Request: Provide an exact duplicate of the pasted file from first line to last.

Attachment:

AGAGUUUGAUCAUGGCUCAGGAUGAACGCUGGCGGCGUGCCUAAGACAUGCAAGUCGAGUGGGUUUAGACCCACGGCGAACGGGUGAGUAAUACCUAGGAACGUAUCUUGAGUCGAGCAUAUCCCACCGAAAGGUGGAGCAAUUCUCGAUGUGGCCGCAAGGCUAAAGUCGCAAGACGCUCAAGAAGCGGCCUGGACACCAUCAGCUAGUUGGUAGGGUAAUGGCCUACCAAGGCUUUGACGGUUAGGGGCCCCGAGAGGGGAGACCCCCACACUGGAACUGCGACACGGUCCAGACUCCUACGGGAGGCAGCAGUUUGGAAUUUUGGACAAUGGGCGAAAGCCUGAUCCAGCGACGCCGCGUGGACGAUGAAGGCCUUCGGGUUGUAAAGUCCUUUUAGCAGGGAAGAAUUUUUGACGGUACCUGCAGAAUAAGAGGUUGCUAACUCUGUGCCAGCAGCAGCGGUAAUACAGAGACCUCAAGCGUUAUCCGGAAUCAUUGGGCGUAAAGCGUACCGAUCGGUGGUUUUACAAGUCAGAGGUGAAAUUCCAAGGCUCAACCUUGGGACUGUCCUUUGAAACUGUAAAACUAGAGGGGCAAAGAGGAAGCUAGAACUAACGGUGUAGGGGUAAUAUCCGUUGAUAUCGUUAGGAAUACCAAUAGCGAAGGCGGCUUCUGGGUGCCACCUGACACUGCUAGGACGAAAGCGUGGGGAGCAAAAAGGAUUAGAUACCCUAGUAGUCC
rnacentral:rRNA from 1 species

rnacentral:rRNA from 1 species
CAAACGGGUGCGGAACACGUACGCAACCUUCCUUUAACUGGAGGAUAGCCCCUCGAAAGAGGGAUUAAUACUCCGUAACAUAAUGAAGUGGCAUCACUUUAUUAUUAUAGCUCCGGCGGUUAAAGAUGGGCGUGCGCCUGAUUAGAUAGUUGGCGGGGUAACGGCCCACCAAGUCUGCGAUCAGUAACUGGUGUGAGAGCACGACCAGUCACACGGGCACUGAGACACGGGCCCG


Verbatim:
AGAGUUUGAUCAUGGCUCAGGAUGAACGCUGGCGGCGUGCCUAAGACAUGCAAGUCGAGUGGGUUUAGACCCACGGCGAACGGGUGAGUAAUACCUAGGAACGUAUCUUGAGUCGAGCAUAUCCCACCGAAAGGUGGAGCAAUUCUCGAUGUGGCCGCAAGGCUAAAGUCGCAAGACGCUCAAGAAGCGGCCUGGACACCAUCAGCUAGUUGGUAGGGUAAUGGCCUACCAAGGCUUUGACGGUUAGGGGCCCCGAGAGGGGAGACCCCCACACUGGAACUGCGACACGGUCCAGACUCCUACGGGAGGCAGCAGUUUGGAAUUUUGGACAAUGGGCGAAAGCCUGAUCCAGCGACGCCGCGUGGACGAUGAAGGCCUUCGGGUUGUAAAGUCCUUUUAGCAGGGAAGAAUUUUUGACGGUACCUGCAGAAUAAGAGGUUGCUAACUCUGUGCCAGCAGCAGCGGUAAUACAGAGACCUCAAGCGUUAUCCGGAAUCAUUGGGCGUAAAGCGUACCGAUCGGUGGUUUUACAAGUCAGAGGUGAAAUUCCAAGGCUCAACCUUGGGACUGUCCUUUGAAACUGUAAAACUAGAGGGGCAAAGAGGAAGCUAGAACUAACGGUGUAGGGGUAAUAUCCGUUGAUAUCGUUAGGAAUACCAAUAGCGAAGGCGGCUUCUGGGUGCCACCUGACACUGCUAGGACGAAAGCGUGGGGAGCAAAAAGGAUUAGAUACCCUAGUAGUCC
rnacentral:rRNA from 1 species

rnacentral:rRNA from 1 species
CAAACGGGUGCGGAACACGUACGCAACCUUCCUUUAACUGGAGGAUAGCCCCUCGAAAGAGGGAUUAAUACUCCGUAACAUAAUGAAGUGGCAUCACUUUAUUAUUAUAGCUCCGGCGGUUAAAGAUGGGCGUGCGCCUGAUUAGAUAGUUGGCGGGGUAACGGCCCACCAAGUCUGCGAUCAGUAACUGGUGUGAGAGCACGACCAGUCACACGGGCACUGAGACACGGGCCCG